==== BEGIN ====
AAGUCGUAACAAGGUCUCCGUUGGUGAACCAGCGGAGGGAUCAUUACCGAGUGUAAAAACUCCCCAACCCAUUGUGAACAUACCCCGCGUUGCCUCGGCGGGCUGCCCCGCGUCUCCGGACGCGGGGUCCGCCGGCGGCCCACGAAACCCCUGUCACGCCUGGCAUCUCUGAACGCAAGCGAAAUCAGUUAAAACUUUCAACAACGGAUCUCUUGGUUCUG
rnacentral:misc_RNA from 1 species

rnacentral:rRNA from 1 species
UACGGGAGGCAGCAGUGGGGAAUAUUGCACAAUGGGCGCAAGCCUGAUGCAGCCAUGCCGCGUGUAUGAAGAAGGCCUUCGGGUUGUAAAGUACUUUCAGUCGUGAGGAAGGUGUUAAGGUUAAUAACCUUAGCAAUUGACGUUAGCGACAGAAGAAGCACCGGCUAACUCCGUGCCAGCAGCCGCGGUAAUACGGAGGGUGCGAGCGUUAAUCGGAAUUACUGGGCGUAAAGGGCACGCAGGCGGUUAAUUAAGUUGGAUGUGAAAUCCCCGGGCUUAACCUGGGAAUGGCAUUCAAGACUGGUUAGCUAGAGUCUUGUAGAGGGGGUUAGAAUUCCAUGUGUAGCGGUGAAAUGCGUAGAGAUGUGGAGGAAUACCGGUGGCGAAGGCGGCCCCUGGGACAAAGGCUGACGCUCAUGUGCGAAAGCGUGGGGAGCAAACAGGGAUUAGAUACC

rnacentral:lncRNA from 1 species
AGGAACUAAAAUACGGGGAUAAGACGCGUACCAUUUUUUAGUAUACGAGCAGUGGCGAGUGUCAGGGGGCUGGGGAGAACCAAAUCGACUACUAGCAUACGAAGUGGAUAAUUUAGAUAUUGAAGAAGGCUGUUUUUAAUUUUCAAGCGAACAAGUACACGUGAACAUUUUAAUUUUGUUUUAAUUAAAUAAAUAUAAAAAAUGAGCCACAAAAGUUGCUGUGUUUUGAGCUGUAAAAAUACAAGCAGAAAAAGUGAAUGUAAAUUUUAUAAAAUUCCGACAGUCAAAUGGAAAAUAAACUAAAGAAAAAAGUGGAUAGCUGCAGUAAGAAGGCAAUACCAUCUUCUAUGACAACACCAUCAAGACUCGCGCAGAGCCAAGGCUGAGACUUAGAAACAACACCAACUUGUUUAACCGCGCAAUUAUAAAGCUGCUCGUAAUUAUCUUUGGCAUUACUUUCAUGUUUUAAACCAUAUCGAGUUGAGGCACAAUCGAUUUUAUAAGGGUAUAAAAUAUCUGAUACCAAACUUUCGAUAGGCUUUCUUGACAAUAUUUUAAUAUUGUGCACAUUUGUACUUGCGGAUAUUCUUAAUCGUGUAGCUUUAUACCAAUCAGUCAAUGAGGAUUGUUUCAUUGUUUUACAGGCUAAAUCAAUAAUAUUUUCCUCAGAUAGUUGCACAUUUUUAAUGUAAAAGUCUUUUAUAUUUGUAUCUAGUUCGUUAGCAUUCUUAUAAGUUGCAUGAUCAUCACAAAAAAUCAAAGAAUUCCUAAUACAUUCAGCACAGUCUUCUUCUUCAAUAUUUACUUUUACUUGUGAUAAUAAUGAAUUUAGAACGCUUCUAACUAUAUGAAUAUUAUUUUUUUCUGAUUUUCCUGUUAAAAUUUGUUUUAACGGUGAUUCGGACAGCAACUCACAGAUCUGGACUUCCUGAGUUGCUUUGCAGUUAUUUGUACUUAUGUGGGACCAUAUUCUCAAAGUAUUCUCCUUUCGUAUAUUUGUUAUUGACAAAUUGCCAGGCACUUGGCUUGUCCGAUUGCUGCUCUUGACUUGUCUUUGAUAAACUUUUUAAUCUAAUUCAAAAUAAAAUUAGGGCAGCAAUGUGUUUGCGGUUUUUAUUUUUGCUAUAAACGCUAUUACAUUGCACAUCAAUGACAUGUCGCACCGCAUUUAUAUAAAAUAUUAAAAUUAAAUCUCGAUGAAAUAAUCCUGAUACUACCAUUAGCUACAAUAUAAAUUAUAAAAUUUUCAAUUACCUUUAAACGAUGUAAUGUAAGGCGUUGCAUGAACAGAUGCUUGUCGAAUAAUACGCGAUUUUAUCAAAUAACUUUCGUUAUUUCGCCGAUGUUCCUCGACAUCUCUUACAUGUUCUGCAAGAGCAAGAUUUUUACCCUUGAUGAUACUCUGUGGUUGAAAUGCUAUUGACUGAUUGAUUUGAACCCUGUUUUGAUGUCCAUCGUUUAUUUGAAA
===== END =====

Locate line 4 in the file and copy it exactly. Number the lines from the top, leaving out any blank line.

UACGGGAGGCAGCAGUGGGGAAUAUUGCACAAUGGGCGCAAGCCUGAUGCAGCCAUGCCGCGUGUAUGAAGAAGGCCUUCGGGUUGUAAAGUACUUUCAGUCGUGAGGAAGGUGUUAAGGUUAAUAACCUUAGCAAUUGACGUUAGCGACAGAAGAAGCACCGGCUAACUCCGUGCCAGCAGCCGCGGUAAUACGGAGGGUGCGAGCGUUAAUCGGAAUUACUGGGCGUAAAGGGCACGCAGGCGGUUAAUUAAGUUGGAUGUGAAAUCCCCGGGCUUAACCUGGGAAUGGCAUUCAAGACUGGUUAGCUAGAGUCUUGUAGAGGGGGUUAGAAUUCCAUGUGUAGCGGUGAAAUGCGUAGAGAUGUGGAGGAAUACCGGUGGCGAAGGCGGCCCCUGGGACAAAGGCUGACGCUCAUGUGCGAAAGCGUGGGGAGCAAACAGGGAUUAGAUACC